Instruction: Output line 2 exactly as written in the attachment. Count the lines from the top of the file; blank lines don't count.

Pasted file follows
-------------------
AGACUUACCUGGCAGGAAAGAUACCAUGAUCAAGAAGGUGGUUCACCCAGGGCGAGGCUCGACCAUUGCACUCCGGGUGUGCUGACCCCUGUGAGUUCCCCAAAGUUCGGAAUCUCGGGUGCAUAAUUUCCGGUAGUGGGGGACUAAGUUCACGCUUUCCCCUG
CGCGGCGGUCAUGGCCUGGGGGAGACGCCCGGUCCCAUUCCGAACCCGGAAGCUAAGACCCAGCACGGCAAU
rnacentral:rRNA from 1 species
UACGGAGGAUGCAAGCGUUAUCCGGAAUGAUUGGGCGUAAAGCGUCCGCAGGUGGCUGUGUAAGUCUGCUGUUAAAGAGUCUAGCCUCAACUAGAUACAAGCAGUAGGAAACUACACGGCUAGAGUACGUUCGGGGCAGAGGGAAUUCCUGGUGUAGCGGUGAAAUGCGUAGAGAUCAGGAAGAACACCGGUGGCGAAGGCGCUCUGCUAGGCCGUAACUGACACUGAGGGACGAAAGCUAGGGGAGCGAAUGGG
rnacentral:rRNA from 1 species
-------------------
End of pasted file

CGCGGCGGUCAUGGCCUGGGGGAGACGCCCGGUCCCAUUCCGAACCCGGAAGCUAAGACCCAGCACGGCAAU